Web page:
As Massachusetts lawmakers consider more spending on transportation, they are getting support from a new poll. But there’s also deep skepticism that public funds will be handled properly.
A year ago, MassInc began a comprehensive research project to gauge residents’ views on the transportation system – including two separate large-scale polls.
“There’s not this sort of reflexive opposition to new revenues that you might see in other states that have been where Massachusetts is right now,” says Steve Koczela, MassInc’s executive director. He says a majority of state residents were willing to pay $50 more a year for investments in roads, bridges and mass transit. And in one unexpected finding, he says, western Massachusetts residents were open to raising taxes to fund not just roads and bridges – but public transit too.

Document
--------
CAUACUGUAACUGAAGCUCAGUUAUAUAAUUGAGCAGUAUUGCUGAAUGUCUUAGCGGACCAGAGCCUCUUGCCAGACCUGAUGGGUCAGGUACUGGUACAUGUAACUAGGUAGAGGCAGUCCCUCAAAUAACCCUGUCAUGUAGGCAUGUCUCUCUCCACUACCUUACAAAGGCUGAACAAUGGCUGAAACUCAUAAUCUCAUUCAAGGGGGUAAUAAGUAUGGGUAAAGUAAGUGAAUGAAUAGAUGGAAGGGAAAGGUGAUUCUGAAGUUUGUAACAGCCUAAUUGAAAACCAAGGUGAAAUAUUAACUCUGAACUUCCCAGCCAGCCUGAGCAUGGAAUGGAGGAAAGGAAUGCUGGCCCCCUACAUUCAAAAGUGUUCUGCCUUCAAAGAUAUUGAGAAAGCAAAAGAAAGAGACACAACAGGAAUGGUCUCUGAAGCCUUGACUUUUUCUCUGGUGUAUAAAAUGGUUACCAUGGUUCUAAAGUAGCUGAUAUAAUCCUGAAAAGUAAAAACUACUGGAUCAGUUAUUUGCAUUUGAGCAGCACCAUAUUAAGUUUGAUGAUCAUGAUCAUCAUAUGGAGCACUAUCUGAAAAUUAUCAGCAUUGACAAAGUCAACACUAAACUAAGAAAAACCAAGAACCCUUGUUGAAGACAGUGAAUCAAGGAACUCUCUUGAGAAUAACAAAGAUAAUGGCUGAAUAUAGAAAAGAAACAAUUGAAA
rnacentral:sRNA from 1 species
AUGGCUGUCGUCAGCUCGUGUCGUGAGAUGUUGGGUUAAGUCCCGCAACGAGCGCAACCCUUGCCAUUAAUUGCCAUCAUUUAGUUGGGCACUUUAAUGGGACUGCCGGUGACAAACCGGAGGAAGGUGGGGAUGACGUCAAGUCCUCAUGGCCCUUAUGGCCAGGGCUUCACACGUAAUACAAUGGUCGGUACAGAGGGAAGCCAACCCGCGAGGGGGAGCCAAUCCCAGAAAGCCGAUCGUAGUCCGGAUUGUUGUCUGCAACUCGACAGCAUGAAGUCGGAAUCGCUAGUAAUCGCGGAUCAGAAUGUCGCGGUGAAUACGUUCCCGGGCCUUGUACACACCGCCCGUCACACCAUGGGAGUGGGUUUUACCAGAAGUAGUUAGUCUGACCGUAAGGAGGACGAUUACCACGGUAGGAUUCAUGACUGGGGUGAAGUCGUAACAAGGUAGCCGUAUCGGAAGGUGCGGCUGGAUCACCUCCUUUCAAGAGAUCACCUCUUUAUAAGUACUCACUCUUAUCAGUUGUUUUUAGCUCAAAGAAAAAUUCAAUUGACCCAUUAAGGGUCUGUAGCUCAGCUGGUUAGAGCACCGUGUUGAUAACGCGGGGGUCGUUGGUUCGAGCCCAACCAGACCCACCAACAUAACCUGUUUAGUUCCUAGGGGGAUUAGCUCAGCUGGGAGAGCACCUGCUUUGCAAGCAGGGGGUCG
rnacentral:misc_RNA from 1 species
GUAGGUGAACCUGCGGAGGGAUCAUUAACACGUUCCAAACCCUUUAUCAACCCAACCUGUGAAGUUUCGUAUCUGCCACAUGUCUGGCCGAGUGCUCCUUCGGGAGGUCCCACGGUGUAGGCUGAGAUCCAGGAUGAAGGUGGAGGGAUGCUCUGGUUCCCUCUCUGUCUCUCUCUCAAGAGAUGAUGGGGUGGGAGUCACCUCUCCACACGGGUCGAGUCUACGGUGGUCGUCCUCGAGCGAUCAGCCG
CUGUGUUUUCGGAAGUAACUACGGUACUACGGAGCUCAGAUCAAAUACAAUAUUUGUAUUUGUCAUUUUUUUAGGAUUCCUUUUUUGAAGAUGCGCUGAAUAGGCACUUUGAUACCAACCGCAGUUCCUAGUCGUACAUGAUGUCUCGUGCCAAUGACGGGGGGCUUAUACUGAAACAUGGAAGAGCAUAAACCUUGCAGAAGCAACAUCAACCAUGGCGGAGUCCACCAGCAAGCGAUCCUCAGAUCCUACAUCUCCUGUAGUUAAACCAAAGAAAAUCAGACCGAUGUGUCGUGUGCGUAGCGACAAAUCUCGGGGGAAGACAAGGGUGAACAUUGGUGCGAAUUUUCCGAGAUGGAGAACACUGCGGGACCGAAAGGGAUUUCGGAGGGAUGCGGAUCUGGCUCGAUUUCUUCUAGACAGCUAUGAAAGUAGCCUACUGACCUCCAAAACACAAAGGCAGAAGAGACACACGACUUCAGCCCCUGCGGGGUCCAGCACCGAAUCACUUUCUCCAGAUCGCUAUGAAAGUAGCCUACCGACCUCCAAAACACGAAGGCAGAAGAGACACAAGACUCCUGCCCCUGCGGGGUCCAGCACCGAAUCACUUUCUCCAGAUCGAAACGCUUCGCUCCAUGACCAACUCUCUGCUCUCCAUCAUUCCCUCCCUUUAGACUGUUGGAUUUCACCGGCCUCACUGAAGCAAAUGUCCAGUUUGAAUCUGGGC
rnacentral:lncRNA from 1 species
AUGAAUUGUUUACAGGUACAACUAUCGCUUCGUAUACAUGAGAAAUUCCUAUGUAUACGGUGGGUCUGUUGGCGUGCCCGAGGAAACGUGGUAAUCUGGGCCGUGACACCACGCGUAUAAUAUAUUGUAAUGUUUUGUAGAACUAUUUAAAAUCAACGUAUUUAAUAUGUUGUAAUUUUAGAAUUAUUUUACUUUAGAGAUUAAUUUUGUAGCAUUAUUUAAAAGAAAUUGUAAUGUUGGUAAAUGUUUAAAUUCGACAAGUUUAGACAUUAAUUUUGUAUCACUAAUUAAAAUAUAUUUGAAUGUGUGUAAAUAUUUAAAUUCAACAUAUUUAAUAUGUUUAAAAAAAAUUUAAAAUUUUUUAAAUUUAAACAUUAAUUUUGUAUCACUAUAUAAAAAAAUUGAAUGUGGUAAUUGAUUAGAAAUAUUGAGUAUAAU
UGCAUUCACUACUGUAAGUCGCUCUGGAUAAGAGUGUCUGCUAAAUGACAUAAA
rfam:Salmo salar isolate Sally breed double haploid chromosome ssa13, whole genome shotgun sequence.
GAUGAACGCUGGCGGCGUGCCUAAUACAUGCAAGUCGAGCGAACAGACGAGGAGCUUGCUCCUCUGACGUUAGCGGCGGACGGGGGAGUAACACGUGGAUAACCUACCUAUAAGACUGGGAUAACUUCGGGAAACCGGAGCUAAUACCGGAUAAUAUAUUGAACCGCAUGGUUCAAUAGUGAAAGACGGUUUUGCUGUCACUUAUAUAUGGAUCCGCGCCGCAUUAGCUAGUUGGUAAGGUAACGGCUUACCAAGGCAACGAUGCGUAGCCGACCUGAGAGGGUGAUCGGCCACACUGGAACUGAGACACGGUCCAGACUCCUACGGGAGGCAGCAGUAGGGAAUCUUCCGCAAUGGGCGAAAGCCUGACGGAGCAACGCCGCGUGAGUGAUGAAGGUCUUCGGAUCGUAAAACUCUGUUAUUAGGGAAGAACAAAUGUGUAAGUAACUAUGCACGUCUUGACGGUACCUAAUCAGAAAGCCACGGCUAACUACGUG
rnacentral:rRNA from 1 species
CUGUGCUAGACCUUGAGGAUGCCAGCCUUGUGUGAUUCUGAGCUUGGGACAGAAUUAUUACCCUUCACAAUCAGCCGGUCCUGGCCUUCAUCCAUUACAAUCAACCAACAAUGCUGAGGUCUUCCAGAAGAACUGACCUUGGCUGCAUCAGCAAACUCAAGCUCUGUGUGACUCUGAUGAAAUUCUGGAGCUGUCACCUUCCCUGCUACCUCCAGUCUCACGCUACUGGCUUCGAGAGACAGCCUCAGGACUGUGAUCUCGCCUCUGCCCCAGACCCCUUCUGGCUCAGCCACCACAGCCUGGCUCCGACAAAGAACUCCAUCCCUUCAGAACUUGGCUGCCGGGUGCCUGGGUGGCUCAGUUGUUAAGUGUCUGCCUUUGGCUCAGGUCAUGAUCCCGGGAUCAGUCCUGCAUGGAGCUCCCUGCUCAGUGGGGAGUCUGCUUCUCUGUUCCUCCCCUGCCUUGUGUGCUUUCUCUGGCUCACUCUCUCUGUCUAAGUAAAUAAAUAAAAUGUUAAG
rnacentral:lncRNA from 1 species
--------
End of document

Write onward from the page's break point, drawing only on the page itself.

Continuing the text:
“It was actually quite surprising the level of interest in better transit – even outside of the MBTA service area.”
Still, a majority of western Massachusetts residents preferred raising tolls and fares for public transit to increasing the gas tax. And Koczela says three quarters of state residents blame waste and mismanagement for funding shortfalls – showing that lawmakers will need to demonstrate wise stewardship to secure voter support for added transportation spending.